scipy.stats.kendalltau(x, y, initial_lexsort=None, nan_policy='propagate', method='auto', variant='b', alternative='two-sided')[source]#

Calculate Kendall’s tau, a correlation measure for ordinal data.

Kendall’s tau is a measure of the correspondence between two rankings. Values close to 1 indicate strong agreement, and values close to -1 indicate strong disagreement. This implements two variants of Kendall’s tau: tau-b (the default) and tau-c (also known as Stuart’s tau-c). These differ only in how they are normalized to lie within the range -1 to 1; the hypothesis tests (their p-values) are identical. Kendall’s original tau-a is not implemented separately because both tau-b and tau-c reduce to tau-a in the absence of ties.

x, yarray_like

Arrays of rankings, of the same shape. If arrays are not 1-D, they will be flattened to 1-D.

initial_lexsortbool, optional, deprecated

This argument is unused.

Deprecated since version 1.10.0: kendalltau keyword argument initial_lexsort is deprecated as it is unused and will be removed in SciPy 1.12.0.

nan_policy{‘propagate’, ‘raise’, ‘omit’}, optional

Defines how to handle when input contains nan. The following options are available (default is ‘propagate’):

  • ‘propagate’: returns nan

  • ‘raise’: throws an error

  • ‘omit’: performs the calculations ignoring nan values

method{‘auto’, ‘asymptotic’, ‘exact’}, optional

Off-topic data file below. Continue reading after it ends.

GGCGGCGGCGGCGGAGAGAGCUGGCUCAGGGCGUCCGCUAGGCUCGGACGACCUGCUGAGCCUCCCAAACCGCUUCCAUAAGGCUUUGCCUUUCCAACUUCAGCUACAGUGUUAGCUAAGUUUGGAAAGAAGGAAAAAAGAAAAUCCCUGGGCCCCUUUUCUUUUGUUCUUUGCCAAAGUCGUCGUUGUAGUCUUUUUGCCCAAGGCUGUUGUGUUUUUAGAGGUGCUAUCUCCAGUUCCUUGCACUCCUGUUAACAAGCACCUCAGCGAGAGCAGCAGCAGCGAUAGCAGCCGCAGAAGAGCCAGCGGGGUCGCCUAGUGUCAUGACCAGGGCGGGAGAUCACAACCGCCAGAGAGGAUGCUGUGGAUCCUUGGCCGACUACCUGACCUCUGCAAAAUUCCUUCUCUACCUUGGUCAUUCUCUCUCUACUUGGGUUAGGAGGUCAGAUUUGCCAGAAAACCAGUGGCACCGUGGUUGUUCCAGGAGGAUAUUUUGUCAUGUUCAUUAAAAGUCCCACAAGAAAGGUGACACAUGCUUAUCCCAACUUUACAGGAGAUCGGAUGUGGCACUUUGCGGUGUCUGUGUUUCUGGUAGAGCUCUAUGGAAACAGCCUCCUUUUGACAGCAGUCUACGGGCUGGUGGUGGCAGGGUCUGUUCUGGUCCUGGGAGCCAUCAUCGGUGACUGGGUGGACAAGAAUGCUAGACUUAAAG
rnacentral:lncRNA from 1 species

Defines which method is used to calculate the p-value [5]. The following options are available (default is ‘auto’):

  • ‘auto’: selects the appropriate method based on a trade-off between speed and accuracy

  • ‘asymptotic’: uses a normal approximation valid for large samples

  • ‘exact’: computes the exact p-value, but can only be used if no ties are present. As the sample size increases, the ‘exact’ computation time may grow and the result may lose some precision.

variant{‘b’, ‘c’}, optional

Defines which variant of Kendall’s tau is returned. Default is ‘b’.

alternative{‘two-sided’, ‘less’, ‘greater’}, optional

Defines the alternative hypothesis. Default is ‘two-sided’. The following options are available:

  • ‘two-sided’: the rank correlation is nonzero

  • ‘less’: the rank correlation is negative (less than zero)

  • ‘greater’: the rank correlation is positive (greater than zero)


The tau statistic.


The p-value for a hypothesis test whose null hypothesis is an absence of association, tau = 0.

See also


Calculates a Spearman rank-order correlation coefficient.


Computes the Theil-Sen estimator for a set of points (x, y).


Computes a weighted version of Kendall’s tau.


The definition of Kendall’s tau that is used is [2]:

tau_b = (P - Q) / sqrt((P + Q + T) * (P + Q + U))

tau_c = 2 (P - Q) / (n**2 * (m - 1) / m)

where P is the number of concordant pairs, Q the number of discordant pairs, T the number of ties only in x, and U the number of ties only in y. If a tie occurs for the same pair in both x and y, it is not added to either T or U. n is the total number of samples, and m is the number of unique values in either x or y, whichever is smaller.



Maurice G. Kendall, “A New Measure of Rank Correlation”, Biometrika Vol. 30, No. 1/2, pp. 81-93, 1938.


Maurice G. Kendall, “The treatment of ties in ranking problems”, Biometrika Vol. 33, No. 3, pp. 239-251. 1945.


Gottfried E. Noether, “Elements of Nonparametric Statistics”, John Wiley & Sons, 1967.


Peter M. Fenwick, “A new data structure for cumulative frequency tables”, Software: Practice and Experience, Vol. 24, No. 3, pp. 327-336, 1994.


Maurice G. Kendall, “Rank Correlation Methods” (4th Edition), Charles Griffin & Co., 1970.


>>> from scipy import stats
>>> x1 = [12, 2, 1, 12, 2]
>>> x2 = [1, 4, 7, 1, 0]
>>> tau, p_value = stats.kendalltau(x1, x2)
>>> tau
>>> p_value